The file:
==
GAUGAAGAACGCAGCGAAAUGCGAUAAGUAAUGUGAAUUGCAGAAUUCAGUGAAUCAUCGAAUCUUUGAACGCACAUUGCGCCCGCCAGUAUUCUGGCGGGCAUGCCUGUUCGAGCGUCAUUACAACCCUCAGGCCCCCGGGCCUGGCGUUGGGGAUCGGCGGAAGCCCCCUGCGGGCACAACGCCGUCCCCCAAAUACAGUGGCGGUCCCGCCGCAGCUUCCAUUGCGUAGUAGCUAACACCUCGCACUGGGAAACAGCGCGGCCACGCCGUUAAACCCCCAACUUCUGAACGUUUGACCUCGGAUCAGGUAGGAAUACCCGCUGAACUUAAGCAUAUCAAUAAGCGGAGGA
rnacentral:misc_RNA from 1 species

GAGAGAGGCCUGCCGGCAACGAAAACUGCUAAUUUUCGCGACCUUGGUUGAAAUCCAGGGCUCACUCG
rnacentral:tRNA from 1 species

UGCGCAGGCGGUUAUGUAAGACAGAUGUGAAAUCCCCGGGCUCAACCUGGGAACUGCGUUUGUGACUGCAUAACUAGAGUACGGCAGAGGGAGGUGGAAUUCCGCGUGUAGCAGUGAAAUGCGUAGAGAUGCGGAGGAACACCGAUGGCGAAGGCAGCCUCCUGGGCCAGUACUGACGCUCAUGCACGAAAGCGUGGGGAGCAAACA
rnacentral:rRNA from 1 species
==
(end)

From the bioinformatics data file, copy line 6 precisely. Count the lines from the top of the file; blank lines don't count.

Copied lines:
rnacentral:rRNA from 1 species